The tagline on the box says “The Race for the Galaxy board game”. With several games appearing in the RftG world in recent years, it seems strange that it took so long for a board game version. Given that the dice implementation, Roll for the Galaxy, was very much a simplified version of RftG, stripping out some of the concepts to make the game more streamlined for dice-based game play. And that the great majority of board games are weightier than their dice or card based counterparts, how will New Frontiers fit in with the family?
It will come as no surprise that New Frontiers has many things in common with Race for the Galaxy. It features the same key phases in the rounds, with players selecting the phase they want to see happen, and unselected phases not happening. However, there are a number of changes to the core elements of the game, which make it feel more like a blend of Race for the Galaxy, Roll for the Galaxy and Puerto Rico.
On their turn, players select which of the seven available actions they want to take. However, unlike the other games in the family, these actions (phases) do not occur in a predetermined order - instead, they happen as they are selected, with the player who selected the phase gaining a bonus appropriate to that action. As a result, only one player will ever get the bonus on any action, in a round. The phases will feel familiar to Race and Roll for the Galaxy players… though there are some changes which make NF feel sufficiently different, while retaining elements of both games.
- Explore - the explore phase is where new worlds are discovered - seven worlds are drawn randomly from the bag, and players take turns to draft one each. These are then stored on the player board (much like in Roll for the Galaxy) until they can be Settled.
- Settle - from the previously discovered worlds, players can choose to settle one world. Some worlds are military (just like in Race for the Galaxy) and require points from military worlds to colonise, others require a monetary investment, to build a colony. Both types of world require one or two colonists to be placed (permanently) on that world. This is a new mechanic for New Frontiers. If a player is unable to settle (because they cannot afford the cost, or do not have the colonists), or if they choose not to, they may choose instead to take two colonists from the pool.
- Develop - developments function similarly in New Frontiers as they do in the other games - they provide bonuses or discounts at other points in the game (such as more military points, or a discount to settle). However, the developments come from a common market board, and are limited in number. Several of each development are available (according to the number of players), as well as some more advanced developments (which take up twice the space of regular ones).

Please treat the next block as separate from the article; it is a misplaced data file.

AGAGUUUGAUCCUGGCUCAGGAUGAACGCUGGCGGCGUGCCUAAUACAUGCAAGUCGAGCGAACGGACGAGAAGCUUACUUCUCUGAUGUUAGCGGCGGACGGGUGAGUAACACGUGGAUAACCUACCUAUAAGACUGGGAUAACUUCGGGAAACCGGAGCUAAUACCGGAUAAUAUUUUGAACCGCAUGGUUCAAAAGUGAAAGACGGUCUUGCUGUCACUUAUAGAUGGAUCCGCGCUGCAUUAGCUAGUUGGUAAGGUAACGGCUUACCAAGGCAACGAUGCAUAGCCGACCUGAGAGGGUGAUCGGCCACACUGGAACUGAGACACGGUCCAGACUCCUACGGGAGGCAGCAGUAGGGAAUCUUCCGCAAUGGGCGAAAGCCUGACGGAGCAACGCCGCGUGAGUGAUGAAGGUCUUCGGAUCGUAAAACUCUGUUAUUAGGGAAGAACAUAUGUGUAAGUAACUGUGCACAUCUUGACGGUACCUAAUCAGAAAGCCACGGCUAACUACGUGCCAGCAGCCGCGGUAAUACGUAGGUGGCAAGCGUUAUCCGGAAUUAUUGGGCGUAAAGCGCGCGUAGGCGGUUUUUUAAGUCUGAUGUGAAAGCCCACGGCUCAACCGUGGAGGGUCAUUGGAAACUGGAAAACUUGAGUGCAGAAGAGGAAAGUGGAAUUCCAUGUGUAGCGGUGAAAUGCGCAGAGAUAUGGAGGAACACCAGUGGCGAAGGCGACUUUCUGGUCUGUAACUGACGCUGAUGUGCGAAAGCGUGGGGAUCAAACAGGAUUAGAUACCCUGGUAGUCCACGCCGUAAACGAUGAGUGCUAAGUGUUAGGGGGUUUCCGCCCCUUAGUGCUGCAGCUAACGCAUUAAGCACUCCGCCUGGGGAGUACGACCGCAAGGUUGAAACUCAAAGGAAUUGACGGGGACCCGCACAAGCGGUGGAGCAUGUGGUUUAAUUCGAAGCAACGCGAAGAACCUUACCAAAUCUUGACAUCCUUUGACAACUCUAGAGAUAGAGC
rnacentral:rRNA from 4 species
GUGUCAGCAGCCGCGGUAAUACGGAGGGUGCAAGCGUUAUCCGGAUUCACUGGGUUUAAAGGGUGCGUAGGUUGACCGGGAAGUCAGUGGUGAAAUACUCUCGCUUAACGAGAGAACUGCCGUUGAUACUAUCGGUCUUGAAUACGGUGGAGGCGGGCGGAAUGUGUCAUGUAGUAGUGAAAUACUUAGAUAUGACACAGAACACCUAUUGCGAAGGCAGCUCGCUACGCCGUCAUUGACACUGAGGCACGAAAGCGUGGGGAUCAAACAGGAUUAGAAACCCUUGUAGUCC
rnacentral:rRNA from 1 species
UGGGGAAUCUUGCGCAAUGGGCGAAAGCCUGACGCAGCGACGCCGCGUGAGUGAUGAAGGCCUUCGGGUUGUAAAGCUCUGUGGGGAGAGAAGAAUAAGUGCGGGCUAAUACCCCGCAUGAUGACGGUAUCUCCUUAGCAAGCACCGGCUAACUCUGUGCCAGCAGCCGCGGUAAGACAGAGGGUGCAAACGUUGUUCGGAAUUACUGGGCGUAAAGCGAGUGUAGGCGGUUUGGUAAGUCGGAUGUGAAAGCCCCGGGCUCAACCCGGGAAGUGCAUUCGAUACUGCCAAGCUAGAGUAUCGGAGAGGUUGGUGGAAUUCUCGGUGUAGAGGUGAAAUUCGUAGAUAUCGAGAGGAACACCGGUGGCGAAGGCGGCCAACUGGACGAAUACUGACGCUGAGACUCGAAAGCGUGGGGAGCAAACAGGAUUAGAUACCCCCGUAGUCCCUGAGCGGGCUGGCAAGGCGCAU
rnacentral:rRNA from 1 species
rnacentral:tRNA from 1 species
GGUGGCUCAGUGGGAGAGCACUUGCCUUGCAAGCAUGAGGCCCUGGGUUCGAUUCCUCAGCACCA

- Produce - all previously settled worlds which are capable of producing will generate a good, if there is not one on there already.
- Trade/consume - goods which were previously produced on settled worlds can be traded for money (which can be later used to purchase developments, or to settle other worlds) or consumed for points. Consume actions require consume abilities on worlds or developments.
There are a couple of other actions which may be selected - these are not phases, as such, since they do not apply to other players. Instead, they give the active player a couple of credits, or a victory point chip and move them to the front of the turn order. There are alternative versions of these actions too, but these are the recommended actions for a first game or two.
Game end triggers
The game can be brought to an end in a number of ways. If a player settles more than seven worlds, or if they purchase more than ten developments, this can trigger the end of the game. Similarly, the current round will also end the game if the victory point chip supply runs out, or if the pool of colonists reaches four or fewer.
Once the game has ended, points are counted up from earned chips (from consume actions, for instance) and the “face” value of settled worlds and build developments. Advanced developments earn a variable number of points, according to player achievements - these can easily swing the outcome of the game.
New Frontiers seems to take elements of both Race for the Galaxy (particularly the different types of worlds) and Roll for the Galaxy (the way new worlds are discovered before they are settled), as well changing the action selection mechanism (echoing that of Puerto Rico), and adding in new elements (the colonists requirement). I can imagine that there will be people who are steadfast in their belief that the original is still the best (Race for the Galaxy). There will be others who prefer the streamlined simplicity of Roll for the Galaxy. But I’m inclined to say, after a few plays, that New Frontiers may be my favourite in the family… I just wish it wasn’t such a big box!